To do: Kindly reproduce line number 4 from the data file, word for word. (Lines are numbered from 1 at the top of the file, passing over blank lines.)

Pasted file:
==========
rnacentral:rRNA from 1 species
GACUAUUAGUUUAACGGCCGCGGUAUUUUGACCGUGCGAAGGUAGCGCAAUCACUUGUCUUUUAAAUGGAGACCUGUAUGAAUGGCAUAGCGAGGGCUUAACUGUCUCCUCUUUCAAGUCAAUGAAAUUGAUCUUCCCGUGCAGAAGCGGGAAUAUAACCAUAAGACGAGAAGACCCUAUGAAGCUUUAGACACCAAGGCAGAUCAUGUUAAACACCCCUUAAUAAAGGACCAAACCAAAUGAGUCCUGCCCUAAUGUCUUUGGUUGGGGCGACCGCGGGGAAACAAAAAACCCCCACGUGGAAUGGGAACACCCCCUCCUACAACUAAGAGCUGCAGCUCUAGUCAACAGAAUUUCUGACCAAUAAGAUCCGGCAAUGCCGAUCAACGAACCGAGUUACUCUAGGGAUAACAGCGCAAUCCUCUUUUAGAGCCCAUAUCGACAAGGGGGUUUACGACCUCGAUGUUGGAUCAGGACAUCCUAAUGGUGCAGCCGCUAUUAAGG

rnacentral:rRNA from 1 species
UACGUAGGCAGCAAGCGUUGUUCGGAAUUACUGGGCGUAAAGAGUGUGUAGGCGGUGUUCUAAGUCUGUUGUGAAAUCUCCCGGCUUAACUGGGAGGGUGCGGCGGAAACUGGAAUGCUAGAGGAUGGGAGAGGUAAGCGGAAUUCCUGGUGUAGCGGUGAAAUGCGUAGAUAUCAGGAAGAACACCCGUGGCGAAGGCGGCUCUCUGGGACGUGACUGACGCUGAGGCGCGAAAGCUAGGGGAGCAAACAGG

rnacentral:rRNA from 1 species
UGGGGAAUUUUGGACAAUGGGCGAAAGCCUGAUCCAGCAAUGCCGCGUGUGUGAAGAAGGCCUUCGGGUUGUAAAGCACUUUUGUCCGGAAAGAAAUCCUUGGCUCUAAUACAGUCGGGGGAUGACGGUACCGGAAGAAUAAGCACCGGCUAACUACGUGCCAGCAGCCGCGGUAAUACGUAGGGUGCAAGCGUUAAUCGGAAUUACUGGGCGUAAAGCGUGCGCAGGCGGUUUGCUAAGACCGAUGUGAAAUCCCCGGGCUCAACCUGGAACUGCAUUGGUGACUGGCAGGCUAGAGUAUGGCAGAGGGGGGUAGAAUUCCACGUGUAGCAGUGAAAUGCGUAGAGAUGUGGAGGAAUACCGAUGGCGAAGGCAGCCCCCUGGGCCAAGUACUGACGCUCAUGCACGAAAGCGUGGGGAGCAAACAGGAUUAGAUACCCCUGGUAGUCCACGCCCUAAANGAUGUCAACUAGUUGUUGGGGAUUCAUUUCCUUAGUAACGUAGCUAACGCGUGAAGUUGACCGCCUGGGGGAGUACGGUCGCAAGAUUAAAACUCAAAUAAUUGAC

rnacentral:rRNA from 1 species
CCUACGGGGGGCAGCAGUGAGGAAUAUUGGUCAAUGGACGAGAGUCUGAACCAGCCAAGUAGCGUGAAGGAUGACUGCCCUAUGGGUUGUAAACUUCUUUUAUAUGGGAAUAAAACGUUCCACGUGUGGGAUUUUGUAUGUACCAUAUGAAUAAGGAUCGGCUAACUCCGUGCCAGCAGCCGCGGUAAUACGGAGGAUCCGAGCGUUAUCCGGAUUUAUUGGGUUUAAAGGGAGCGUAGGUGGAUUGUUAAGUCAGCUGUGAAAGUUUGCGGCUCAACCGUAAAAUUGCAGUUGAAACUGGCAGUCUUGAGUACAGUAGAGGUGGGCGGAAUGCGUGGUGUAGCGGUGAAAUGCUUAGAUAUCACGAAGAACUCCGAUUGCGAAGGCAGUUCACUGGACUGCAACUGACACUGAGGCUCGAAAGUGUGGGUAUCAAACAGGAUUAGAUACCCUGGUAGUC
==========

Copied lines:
UACGUAGGCAGCAAGCGUUGUUCGGAAUUACUGGGCGUAAAGAGUGUGUAGGCGGUGUUCUAAGUCUGUUGUGAAAUCUCCCGGCUUAACUGGGAGGGUGCGGCGGAAACUGGAAUGCUAGAGGAUGGGAGAGGUAAGCGGAAUUCCUGGUGUAGCGGUGAAAUGCGUAGAUAUCAGGAAGAACACCCGUGGCGAAGGCGGCUCUCUGGGACGUGACUGACGCUGAGGCGCGAAAGCUAGGGGAGCAAACAGG